| The New York Times

Gov. Edwards of Louisiana Forced Into Runoff With Republican

Mr. Abrah am received just shy of 24 percent of the vote, trailing Mr. Rispone by three percentage points. He conceded on Saturday night and endorsed Mr. Rispone .

Mr. Rispone, who with his brother founded an industrial engineering, construction and maintenance company in Baton Rouge, had aligned himself with Mr. Trump’s policies, particularly on immigration, and had attacked Mr. Abraham for being, in his view, inconsistent in his support for the president. Mr. Rispone emphasized the dearth of his political experience throughout the campaign as he sought to portray Mr. Edwards and Mr. Abraham as career politicians.

“This is just the first step,” he said in a speech on Saturday night. “We’re going to be the governor of Louisiana. We’re going to turn this state around.” He said that the president had called to congratulate him, prompting his crowd of supporters to chant “Trump!”

Mr. Edwards was first elected, in part, because of the dismay stirred by the huge structural deficits left by Mr. Jindal, who pushed for tax cuts and tax breaks that failed to stimulate the economy. But Mr. Edwards also benefited after his 2015 opponent, Senator David Vitter, was hobbled by a prostitution scandal.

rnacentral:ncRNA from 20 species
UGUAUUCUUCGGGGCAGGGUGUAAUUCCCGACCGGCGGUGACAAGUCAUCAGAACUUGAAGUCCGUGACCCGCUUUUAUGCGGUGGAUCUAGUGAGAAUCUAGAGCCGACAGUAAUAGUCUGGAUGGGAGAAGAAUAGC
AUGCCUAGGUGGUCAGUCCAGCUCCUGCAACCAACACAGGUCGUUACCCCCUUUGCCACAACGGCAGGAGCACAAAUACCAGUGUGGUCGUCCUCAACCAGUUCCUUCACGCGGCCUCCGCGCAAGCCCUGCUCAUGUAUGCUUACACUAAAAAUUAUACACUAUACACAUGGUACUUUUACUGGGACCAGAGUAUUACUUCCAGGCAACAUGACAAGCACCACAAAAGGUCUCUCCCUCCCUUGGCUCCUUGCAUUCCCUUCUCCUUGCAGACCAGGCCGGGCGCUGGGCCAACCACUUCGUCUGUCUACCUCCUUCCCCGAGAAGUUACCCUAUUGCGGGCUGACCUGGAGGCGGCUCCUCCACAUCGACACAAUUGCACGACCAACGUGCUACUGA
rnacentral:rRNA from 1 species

Republicans have called Mr. Edwards an “accidental governor,” and he is one of very few to hold the top office in the Deep South. But competitive, closely watched races in Mississippi and Kentucky have Democrats hoping to claim states in the heart of Trump country.

In Mississippi, Jim Hood, a Democrat who has won four consecutive terms as the state attorney general, is competitive in the governor’s race. And in Kentucky, Gov. Matt Bevin, a Republican, ranks in polls as one of the least popular governors in the country, bolstering the prospects of Andy Beshear, the state attorney general and son of the former Democratic governor Steve Beshear.

Speaking at a rally on Friday night in Lake Charles, La., Mr. Trump sought to lump Mr. Edwards with leaders from the national Democratic Party, like Speaker Nancy Pelosi and Senator Chuck Schumer, the minority leader.